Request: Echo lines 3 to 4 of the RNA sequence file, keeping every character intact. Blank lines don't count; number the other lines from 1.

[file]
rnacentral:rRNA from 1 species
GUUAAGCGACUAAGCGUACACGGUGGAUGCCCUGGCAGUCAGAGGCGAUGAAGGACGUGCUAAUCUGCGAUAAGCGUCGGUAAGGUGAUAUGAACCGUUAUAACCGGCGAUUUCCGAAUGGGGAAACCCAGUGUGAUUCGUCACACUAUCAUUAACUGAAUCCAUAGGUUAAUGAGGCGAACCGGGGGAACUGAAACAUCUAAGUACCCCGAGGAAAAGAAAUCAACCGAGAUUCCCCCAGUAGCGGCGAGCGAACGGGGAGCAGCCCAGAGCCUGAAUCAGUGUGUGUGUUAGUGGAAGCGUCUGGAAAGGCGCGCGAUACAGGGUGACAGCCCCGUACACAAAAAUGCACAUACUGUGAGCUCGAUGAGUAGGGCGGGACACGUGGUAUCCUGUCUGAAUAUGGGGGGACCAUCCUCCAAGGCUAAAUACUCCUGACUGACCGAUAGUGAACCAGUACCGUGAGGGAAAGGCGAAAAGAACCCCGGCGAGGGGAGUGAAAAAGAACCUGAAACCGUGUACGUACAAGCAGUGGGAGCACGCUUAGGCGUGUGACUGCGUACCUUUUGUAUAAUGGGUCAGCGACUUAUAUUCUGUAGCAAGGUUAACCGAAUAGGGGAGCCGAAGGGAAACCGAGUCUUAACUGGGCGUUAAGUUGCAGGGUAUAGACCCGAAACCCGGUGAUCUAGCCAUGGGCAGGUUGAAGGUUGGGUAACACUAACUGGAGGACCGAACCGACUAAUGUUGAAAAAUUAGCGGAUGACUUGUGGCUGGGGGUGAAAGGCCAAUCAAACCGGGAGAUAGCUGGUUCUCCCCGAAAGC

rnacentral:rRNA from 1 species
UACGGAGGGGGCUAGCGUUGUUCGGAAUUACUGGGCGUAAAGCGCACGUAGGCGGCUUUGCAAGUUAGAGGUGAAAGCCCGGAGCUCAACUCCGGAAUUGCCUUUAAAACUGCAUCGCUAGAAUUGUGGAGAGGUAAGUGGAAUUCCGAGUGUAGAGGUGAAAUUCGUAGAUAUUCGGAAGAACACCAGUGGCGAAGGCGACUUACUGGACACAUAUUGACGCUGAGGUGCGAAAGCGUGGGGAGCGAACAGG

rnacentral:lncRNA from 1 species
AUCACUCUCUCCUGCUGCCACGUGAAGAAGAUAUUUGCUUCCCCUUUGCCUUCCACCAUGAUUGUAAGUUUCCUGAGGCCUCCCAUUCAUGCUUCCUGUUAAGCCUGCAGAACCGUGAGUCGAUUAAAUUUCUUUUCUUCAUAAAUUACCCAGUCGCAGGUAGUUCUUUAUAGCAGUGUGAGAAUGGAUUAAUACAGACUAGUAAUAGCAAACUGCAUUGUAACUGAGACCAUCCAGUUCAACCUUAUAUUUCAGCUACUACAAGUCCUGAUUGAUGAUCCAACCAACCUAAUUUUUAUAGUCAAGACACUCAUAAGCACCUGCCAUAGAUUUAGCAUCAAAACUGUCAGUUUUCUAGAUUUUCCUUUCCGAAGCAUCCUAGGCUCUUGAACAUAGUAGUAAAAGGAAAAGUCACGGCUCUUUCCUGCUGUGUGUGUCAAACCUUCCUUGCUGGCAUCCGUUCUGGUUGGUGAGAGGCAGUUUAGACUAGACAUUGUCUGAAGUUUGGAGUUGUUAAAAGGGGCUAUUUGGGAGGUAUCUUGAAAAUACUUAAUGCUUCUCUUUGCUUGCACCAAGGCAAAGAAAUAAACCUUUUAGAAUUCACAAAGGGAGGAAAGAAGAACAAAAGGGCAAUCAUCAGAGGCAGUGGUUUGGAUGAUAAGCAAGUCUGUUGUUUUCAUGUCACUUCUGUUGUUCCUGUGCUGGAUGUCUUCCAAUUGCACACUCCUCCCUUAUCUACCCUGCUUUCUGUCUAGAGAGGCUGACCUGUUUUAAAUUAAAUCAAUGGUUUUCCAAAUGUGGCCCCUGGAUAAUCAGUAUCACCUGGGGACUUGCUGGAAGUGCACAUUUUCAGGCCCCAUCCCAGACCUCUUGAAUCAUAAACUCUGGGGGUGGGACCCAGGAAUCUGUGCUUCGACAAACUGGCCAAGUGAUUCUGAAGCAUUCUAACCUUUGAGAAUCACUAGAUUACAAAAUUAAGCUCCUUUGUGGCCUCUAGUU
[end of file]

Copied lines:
rnacentral:rRNA from 1 species
UACGGAGGGGGCUAGCGUUGUUCGGAAUUACUGGGCGUAAAGCGCACGUAGGCGGCUUUGCAAGUUAGAGGUGAAAGCCCGGAGCUCAACUCCGGAAUUGCCUUUAAAACUGCAUCGCUAGAAUUGUGGAGAGGUAAGUGGAAUUCCGAGUGUAGAGGUGAAAUUCGUAGAUAUUCGGAAGAACACCAGUGGCGAAGGCGACUUACUGGACACAUAUUGACGCUGAGGUGCGAAAGCGUGGGGAGCGAACAGG